That sinking feeling: My holiday boat trip disaster

holiday boat trip disaster

by take-a-break |
Updated on

A boat trip seemed the perfect way to unwind on holiday with my fella, but at sea things took a dramatic turn. By Toni Gillam, 41

holiday boat horror
Me and Phil

As I checked in at the hotel reception, a notice behind the desk caught my eye.

Benagil Sea Cave boat trips, it read.

‘That seems perfect,’ I said to my fella Phil.

We were on holiday in the Algarve, Portugal, and wanted to book a couple of excursions. But as it was February and not high season, they were limited.

‘It’s that, and the tour of the sardine factory,’ I said, laughing.

‘Sounds fun,’ Phil replied.

It cost £52 for us both for the three-hour boat trip to see caves further along the coast, so I booked us in for a few days later.

Phil and I had been together for 18 months after meeting in our local pub. Our kids were grown up so we were able to get away and enjoy holidays together.

'I can't get my foot out!'

The morning of the boat trip was sunny. But despite the blue sky, I thought it might be chilly on the boat.

‘We’d better dress warm,’ I said to Phil.

I put on a top and leggings as well as a cardigan and jacket. Phil wore jeans, a hoodie and a coat on top.

We headed down to the marina and queued to board the 50-seater boat.

As we put on our life jackets, two elderly women approached us.

‘Excuse me, I think you’re in our seats,’ one said.

I checked my ticket.

‘Oh, sorry. You’re right. We’re supposed to be in front,’ I replied.

Holiday boat horror
on the boat

We moved, but as the boat set off, we noticed the tour guide moving people around.

‘We need to distribute the weight more evenly,’ he said.

‘They’re putting larger passengers to the back and the smaller ones to the front,’ I said to Philip.

‘It’ll be fine, don’t worry,’ he replied.

An hour into our trip, we arrived at the Benagil Cave. It was stunning, but as we came out of it again, I glanced back and gasped.

‘There’s water coming into the boat!’ I said to Phil.

In about 30 seconds, we were ankle deep.

I watched in horror as the tour guide grabbed a bilge pump and started to pump the water out. But it was pouring into the boat faster than he could remove it.

Everywhere, people were panicking, grabbing their bags and hanging on to their kids.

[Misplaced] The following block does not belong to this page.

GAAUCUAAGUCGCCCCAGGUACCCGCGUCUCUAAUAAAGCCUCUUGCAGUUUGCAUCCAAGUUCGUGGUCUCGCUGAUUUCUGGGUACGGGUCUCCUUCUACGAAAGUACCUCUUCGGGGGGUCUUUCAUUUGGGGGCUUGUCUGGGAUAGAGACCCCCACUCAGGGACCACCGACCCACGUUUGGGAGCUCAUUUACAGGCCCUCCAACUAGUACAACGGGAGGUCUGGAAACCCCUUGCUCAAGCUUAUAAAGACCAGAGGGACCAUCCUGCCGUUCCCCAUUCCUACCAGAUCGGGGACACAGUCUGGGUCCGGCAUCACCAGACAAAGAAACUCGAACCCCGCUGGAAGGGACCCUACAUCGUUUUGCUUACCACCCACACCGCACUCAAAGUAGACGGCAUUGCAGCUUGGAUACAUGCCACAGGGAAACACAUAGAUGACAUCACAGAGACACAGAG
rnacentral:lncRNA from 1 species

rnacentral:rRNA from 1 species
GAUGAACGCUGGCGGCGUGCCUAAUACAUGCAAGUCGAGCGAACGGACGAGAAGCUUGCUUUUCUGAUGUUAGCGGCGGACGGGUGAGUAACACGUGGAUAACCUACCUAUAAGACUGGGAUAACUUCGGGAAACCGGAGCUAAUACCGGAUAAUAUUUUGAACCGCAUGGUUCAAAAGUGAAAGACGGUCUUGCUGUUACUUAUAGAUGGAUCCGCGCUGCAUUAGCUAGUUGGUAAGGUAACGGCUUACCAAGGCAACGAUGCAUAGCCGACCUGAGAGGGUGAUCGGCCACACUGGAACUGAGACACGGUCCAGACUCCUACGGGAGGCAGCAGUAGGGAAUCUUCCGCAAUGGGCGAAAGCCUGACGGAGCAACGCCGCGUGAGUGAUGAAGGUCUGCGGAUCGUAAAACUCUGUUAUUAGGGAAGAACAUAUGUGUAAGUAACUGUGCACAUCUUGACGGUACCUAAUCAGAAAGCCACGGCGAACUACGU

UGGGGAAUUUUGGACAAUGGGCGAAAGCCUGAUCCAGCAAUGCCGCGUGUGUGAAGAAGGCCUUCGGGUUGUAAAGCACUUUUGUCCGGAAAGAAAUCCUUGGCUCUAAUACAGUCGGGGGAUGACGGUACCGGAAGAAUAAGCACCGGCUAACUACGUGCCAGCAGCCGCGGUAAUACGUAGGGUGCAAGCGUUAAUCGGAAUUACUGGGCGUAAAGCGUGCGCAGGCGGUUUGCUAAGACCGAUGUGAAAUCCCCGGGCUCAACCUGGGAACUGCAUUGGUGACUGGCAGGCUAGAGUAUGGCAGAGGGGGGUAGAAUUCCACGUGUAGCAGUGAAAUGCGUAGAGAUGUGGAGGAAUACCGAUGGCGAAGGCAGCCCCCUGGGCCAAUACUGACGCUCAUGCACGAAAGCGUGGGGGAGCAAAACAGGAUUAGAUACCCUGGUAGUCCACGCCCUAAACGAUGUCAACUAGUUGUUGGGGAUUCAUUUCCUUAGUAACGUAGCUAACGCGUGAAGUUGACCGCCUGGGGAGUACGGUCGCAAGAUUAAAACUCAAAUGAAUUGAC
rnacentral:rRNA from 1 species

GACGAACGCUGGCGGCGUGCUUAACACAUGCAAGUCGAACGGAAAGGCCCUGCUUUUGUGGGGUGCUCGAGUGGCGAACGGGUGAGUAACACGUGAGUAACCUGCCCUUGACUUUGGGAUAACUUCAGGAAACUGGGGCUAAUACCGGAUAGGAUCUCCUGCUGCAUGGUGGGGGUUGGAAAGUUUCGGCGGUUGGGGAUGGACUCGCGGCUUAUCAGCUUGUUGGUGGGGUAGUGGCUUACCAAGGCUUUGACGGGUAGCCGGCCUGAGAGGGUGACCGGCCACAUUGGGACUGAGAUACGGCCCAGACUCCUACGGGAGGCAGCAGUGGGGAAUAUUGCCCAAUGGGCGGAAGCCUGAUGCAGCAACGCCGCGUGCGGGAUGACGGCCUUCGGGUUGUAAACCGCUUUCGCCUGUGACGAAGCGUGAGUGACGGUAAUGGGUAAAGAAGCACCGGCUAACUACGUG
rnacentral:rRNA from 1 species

Then I noticed the engine starting to smoke.

‘Grab everything,’ Phil said.

'It'll sink and drag us both down!'

I stuffed my phone and purse into my bum bag and zipped it up.

By now the water was knee-deep.

Everyone was trying to get to the front as water continued pouring into the back and I could feel the boat starting to tilt backwards.

‘We need to inflate our lifejackets,’ I said to Phil.

I pulled the plastic lever but nothing happened.

‘Phil, it’s not inflating,’ I said.

‘Neither is mine!’ he replied.

As the boat sank beneath us, we were swept into the sea, but my foot got stuck in the boat rail.

‘Phil, I can’t get my foot out!’ I cried.

He dived under and frantically kicked my leg free.

‘Swim away from the boat,’ I gasped when he emerged again. ‘It’ll sink and drag us both down!’

We swam, but the weight of our heavy, winter clothes was threatening to pull us under.

Eventually, after about 15 minutes, we reached our tour guide and grabbed hold of his buoyancy aid.

All 36 people from the boat were now in the sea, bobbing around, but five of us had useless life jackets.

Then I spotted what looked like a tourist boat in the distance and felt relieved when it came towards us.

Holiday boat horror
Us in the water

They began pulling people aboard and Phil got close enough to grab the ladder and climb up.

But the swell of the sea kept washing me under, dragging me away from the boat.

‘Catch this!’ someone shouted, hurling a rope towards me.

With one last burst of energy, I reached out to catch it, I was hauled in and Phil grabbed my jacket and hoisted me on to the boat.

‘Put this round you,’ someone said passing me a towel.

I huddled underneath, shaking and exhausted.

In the distance our original boat was almost completely submerged.

Within half an hour we were back at the port, where ambulances were waiting for us.

‘My fingers are purple,’ I said to Phil.

‘Do you want to go to hospital?’ a Red Cross member asked us.

‘We just want a hot bath and to get into dry clothes,’ I replied.

‘Yes, and a beer,’ Phil added.

It was a relief to get back to the hotel. Phil had cuts and bruises on his legs from where he’d struggled to free my foot, but otherwise we were uninjured.

The next day, we sat on the beach, not daring to go into the sea.

It felt like a miracle that everyone on that boat had survived.

We also knew that if we hadn’t sat in the wrong seats, the two elderly ladies would’ve been the ones with the faulty life jackets.

They would never have survived. So everything happens for a reason.

We never found out why the accident happened and back home, in Hayling Island, Hampshire, we found out our holiday insurance didn’t cover us because we’d booked the trip through our hotel and not online. But we were safe and that was the main thing.

It hasn’t put us off travelling. We’ve already booked our next holiday to Antalya in Turkey.

But one thing’s for sure — there’ll be no boat trips this time!

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